I’ve ‘enhanced’ it ever so slightly by adding in some styles for the list items and handles.

First we’ll look at the CSS:

  #test-list { list-style: none; padding: 0; margin: 0 40px; } 
  #test-list li { margin: 0 0 10px 0; background: #eaf3fa; padding: 15px; } 
  #test-list .handle { float: left; margin-right: 10px; cursor: move; } 
  #test-log { padding: 5px; border: 1px solid #ccc; } 

Then we need to include jQuery and the jQuery UI

<script type="text/javascript" src="{ latest jquery release }"></script> 
<script type="text/javascript" src="{ ui core }"></script> 
<script type="text/javascript" src="{ ui sortable }"></script> 

We then tell the document to automatically handle the list when it’s ready

<script type="text/javascript">// When the document is ready set up our sortable with it's inherant function(s) 
$(document).ready(function() { 
    handle : '.handle', 
    update : function () { 

Now to build the HTML:

<ul id="test-list"> 
    <li id="listItem_1"> 
    <img src="arrows.png" alt="move" /> 
      Item 1 with a link to <a href="" rel="nofollow">Google</a>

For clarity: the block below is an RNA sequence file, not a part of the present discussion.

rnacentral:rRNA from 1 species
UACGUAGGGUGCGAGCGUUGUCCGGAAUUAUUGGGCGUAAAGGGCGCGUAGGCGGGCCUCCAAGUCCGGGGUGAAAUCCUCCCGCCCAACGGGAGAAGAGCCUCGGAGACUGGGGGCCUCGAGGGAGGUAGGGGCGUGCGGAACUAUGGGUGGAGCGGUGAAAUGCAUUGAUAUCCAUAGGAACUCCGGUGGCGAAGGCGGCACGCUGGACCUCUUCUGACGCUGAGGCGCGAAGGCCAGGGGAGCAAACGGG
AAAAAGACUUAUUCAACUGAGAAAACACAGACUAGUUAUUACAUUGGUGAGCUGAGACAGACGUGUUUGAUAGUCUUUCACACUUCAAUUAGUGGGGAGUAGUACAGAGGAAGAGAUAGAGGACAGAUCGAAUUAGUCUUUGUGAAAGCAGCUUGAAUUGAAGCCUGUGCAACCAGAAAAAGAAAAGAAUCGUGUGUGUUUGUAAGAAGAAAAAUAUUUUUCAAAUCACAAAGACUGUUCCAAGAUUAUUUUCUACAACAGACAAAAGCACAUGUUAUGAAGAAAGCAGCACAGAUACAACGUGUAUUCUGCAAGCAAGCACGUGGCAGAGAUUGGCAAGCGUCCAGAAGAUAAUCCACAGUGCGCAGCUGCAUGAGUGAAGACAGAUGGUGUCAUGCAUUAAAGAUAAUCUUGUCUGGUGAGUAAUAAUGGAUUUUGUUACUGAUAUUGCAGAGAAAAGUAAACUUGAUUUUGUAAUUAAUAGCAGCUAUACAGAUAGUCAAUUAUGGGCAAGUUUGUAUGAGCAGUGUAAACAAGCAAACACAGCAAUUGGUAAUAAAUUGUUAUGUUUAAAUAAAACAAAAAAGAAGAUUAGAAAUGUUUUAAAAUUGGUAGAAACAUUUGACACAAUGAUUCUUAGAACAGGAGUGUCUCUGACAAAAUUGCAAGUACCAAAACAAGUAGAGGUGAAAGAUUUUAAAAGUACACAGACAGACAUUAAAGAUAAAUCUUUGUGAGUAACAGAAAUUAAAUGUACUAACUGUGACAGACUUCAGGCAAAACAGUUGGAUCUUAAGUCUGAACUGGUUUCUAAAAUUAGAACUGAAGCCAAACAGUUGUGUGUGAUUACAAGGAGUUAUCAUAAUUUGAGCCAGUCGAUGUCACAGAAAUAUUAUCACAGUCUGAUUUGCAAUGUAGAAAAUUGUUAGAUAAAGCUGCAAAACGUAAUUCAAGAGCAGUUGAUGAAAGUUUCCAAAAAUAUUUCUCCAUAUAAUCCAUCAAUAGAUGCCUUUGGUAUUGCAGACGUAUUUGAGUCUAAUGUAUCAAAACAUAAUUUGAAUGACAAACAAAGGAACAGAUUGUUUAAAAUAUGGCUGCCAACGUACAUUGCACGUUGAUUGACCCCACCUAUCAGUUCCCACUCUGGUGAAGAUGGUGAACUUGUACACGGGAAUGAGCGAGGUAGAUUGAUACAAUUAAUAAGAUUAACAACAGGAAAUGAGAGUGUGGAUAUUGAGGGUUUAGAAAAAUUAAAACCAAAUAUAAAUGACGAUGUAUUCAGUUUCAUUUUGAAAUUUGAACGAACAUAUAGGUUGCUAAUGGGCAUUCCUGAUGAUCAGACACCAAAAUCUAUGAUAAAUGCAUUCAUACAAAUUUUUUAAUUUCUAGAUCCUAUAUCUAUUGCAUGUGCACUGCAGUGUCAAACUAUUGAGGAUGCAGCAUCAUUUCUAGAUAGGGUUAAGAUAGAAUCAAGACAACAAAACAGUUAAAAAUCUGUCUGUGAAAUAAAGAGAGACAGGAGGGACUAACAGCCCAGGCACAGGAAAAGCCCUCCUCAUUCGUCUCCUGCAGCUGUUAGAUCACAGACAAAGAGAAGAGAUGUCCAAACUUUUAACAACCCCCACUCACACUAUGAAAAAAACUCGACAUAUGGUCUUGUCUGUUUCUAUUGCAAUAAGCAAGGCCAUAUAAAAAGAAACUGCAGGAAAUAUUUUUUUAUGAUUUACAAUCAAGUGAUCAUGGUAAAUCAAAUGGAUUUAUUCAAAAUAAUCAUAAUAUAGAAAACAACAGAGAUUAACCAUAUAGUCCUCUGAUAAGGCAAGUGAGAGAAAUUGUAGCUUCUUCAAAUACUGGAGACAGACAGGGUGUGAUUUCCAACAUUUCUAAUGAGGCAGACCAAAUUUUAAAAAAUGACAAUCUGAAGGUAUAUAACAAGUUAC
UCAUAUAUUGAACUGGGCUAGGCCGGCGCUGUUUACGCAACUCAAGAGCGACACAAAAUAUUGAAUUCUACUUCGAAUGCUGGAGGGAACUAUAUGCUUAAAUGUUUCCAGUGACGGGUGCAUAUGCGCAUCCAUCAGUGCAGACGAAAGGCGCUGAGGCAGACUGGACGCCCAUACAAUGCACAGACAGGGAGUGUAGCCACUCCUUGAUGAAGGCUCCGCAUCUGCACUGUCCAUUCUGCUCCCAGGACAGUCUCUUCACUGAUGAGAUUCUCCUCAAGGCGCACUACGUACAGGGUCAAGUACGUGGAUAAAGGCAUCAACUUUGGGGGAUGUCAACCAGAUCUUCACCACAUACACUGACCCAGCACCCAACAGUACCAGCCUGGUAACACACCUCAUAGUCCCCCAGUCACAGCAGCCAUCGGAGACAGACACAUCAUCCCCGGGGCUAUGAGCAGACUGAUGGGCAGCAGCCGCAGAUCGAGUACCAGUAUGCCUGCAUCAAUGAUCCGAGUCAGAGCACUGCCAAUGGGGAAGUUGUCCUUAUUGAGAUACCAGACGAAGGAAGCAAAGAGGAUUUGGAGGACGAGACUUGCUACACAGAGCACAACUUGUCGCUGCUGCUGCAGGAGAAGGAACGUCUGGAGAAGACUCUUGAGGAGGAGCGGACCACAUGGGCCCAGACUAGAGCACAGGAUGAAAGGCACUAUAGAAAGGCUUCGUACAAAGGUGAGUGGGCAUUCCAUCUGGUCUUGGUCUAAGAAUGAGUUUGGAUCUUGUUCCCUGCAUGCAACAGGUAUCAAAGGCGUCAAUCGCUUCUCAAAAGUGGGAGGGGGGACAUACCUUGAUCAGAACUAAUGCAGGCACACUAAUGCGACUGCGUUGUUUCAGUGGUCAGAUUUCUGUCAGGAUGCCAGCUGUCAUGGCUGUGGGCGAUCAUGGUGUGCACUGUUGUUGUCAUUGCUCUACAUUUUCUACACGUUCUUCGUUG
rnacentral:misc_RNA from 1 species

<li id="listItem_2"> 
      <img src="arrow.png" alt="move" /> 
      Item 2 
    <li id="listItem_3"> 
      <img src="arrow.png" alt="move" /> 
      Item 3 
    <li id="listItem_4"> 
      <img src="arrow.png" alt="move" /> 
      Item 4 
      <p>Perhaps you want to add a form in here?</p> 
      <p>Text:<br /><input type="text" /></p> 
      <p>And a textarea<br /><textarea></textarea></p> 
<label for="test-log"><strong>Resultant order of list</strong></label> 
<input type="text" size="70" id="test-log" />

One important thing to remember, that might have you stumbling is that you HAVE to name the list items as such id=“item_1” that underscore and number will define the elements in the array past out to the text box.

Experiment, enjoy.

Extending the jQuery Sortable With Ajax & MYSQL

Filed under: JQuery — izaam01 @ 1:06

I’ve had a lot of response to the jQuery sortable list post I wrote a while back, and a lot of them ask how to send the results to a database. I’ve often said the best thing to do would be to update it by AJAX, but I’ve never really explained how. So here it is!

There was a bug a few people noticed with the new jQuery UI a short while ago that stopped the update callback working. That bug has since been rectified and all is kosher again. I have since updated the example to the latest jQuery and UI downloads. The examples and downloads have also been updated accordingly.

Step one: Create the page with the sortable, and the CSS

(described on my previous post) We have however altered it slightly, so here is the updated code (without any css, the css is in the sourcecode)
Include your javascript files, you’ll need jQuery and the jQuery UI files (sortable)